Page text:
You are not forgotten, Robert.
The National Desert Storm War Memorial Association is responsible for building the National Desert Storm and Desert Shield Memorial at the National Mall in Washington D.C.
P.O. Box 29091
Washington D.C., DC
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The Liberation of Kuwait
In 1990, Saddam Hussein invaded Kuwait. Within 24 hours, Iraq's military occupied its southern neighbor and controlled nearly 30% of the world’s oil supply. Iraq's brutal dictator then set his eyes on Saudi Arabia. President George H.W. Bush recognized Saudi Arabia’s important role in the region and launched Operation Desert Shield. As the deployment of American combat forces in Saudi Arabia grew, President Bush issued a mandate to Hussein stating that all Iraqi troops must leave Kuwait by January 15, 1991. The deadline passed with Kuwait still occupied by Iraqi forces. On January 17, 1991, the United States led coalition forces in the liberation of Kuwait, a campaign known as Operation Desert Storm.
These operations resulted in several major coalition victories, the removal of Iraqi forces from Kuwait, the imposition of international sanctions against Iraq and a significantly weakened Iraqi Army.
Roughly 600,000 American troops were deployed in support both Operation Desert Shield and Operation Desert Storm; nearly 400 died.
Today, the United States lacks a national memorial dedicated to the courage and sacrifice of its Armed Forces who honorably fought in Operation Desert Shield and Desert Storm. The National Desert Storm War Memorial Association’s goal is for completion of the Memorial to coincide with the 30th Anniversary of Operation Desert Storm, in 2021.
Our efforts have received support from United States Presidents, United States Senators, United States Representatives, military commanders, veterans and their families, and other grateful American citizens.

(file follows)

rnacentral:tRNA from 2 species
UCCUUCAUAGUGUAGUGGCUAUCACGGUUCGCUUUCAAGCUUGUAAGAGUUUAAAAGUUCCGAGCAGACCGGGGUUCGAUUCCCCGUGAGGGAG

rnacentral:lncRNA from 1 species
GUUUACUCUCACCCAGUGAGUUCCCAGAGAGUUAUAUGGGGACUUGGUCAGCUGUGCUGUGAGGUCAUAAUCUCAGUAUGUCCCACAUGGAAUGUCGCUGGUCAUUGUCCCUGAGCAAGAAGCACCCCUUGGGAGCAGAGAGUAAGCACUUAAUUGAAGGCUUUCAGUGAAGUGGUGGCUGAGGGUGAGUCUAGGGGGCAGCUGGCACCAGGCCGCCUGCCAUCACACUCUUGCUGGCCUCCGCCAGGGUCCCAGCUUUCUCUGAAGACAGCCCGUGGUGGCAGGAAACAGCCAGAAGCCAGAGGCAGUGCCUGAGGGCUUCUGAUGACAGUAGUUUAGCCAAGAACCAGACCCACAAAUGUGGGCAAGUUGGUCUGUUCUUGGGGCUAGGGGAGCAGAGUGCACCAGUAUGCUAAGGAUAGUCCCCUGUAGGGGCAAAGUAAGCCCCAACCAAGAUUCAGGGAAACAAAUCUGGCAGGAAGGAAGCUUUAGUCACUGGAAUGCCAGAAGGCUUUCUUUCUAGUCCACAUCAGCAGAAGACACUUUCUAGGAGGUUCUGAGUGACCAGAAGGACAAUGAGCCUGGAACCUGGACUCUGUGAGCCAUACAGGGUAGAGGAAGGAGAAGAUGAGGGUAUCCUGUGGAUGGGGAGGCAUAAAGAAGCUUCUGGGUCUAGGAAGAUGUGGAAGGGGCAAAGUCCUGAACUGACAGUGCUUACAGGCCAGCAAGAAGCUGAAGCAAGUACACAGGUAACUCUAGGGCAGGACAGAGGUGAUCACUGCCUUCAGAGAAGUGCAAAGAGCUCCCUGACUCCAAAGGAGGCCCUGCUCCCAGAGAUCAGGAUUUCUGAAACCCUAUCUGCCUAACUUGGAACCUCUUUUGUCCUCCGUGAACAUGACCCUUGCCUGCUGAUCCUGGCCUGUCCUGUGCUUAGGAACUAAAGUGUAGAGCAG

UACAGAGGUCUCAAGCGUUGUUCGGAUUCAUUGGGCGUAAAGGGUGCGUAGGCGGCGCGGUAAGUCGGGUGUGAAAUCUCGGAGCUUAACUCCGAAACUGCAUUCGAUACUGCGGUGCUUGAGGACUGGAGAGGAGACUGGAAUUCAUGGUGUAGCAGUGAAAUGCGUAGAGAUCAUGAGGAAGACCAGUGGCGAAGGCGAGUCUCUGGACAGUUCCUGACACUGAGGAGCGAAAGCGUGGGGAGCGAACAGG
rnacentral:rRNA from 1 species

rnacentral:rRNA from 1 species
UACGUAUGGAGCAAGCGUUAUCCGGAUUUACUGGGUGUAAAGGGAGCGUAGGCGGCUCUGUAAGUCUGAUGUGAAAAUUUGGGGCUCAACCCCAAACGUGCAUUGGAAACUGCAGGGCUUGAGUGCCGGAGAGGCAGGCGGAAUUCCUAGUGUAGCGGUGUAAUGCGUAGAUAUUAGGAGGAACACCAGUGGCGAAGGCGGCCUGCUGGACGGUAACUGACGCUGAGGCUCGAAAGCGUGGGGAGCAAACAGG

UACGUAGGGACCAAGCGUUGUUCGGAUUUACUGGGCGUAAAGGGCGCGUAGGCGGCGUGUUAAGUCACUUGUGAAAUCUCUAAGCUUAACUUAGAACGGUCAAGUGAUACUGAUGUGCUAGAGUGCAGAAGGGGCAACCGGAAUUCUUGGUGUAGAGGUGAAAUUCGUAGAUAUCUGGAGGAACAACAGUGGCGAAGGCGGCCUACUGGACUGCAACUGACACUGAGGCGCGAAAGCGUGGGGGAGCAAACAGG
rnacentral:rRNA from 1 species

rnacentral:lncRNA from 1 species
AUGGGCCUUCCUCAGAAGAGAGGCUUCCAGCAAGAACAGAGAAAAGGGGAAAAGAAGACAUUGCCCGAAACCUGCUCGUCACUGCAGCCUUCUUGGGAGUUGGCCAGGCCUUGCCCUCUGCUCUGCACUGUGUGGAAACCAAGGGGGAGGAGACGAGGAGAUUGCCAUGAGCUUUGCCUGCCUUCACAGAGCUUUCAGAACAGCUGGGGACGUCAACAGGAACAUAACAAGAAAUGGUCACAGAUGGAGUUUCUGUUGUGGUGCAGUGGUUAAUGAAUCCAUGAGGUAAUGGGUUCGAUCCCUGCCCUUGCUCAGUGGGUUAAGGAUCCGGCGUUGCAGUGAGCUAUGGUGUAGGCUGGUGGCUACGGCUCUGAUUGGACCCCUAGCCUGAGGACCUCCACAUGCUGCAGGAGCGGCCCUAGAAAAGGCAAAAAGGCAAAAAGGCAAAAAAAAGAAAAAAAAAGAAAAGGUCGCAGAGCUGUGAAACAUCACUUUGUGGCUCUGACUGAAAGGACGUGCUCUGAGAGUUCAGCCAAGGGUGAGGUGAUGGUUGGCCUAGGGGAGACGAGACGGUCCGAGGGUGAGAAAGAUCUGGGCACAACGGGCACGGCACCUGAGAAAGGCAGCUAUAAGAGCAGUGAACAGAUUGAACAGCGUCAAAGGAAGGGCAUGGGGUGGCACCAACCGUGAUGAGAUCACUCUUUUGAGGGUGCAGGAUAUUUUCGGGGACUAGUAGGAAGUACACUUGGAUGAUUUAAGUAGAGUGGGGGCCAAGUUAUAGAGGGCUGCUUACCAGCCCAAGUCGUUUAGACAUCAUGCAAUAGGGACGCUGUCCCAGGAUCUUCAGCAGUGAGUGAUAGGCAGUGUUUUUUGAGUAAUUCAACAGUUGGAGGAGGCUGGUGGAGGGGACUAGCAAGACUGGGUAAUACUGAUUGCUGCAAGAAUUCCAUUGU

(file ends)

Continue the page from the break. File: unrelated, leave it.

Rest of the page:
On May 28, 2014, the United States House of Representatives unanimously authorized construction of a Desert Storm and Desert Shield Memorial by a vote of 370-0.
On December 19, 2014, President Obama signed into law S.995 authorizing a National Desert Storm and Desert Shield Memorial in Washington D.C.
On March 31, 2017, President Trump signed a bill into law authorizing a memorial to be built near the National Mall in Washington, D.C at an Area-1 location.
On June 21, 2018, the Commission of Fine Arts approved a site for the National Desert Storm and Desert Shield Memorial. The decision by the Commission of Fine Arts is the final step in the 3.5-year Site Selection process. The National Park Service and the National Capital Planning Commission recommended this same site earlier in 2018.
The Memorial will fall within the shadow of both the Lincoln and Vietnam Veterans Memorials, abutting the National Mall. The Memorial's site is at the southwest corner of Constitution Avenue and 23rd Street Northwest, Washington, D.C.
Our efforts require time and resources, and we are deeply grateful for the support we have received thus far. However, far greater support—financial contributions, in particular—is still necessary to bring this tribute to life.
The Memorial's estimated cost is $40 million. Current law stipulates that before groundbreaking can commence 110% of the projected budget must be raised. All efforts are backed exclusively by private sources. The law authorizing construction of the memorial prohibits the use of any federal funds to establish this commemorative work.
As of 31 Dec 2019, we have raised $9.0 million of our $40 million-dollar goal: $5.85 million relates to the memorial site award and $3.15 million has been donated by individuals, businesses, foreign governments, and Veteran Service Organizations.
Note: The 10% overage is included in the $40 million.
Conceptual Design Approved
The memorial received approval of the conceptual design of the National Desert Storm and Desert Shield Memorial by the Commission of Fine Arts on November 21, 2019. We continue to move forward in the Design Phase and the Fundraising Phase.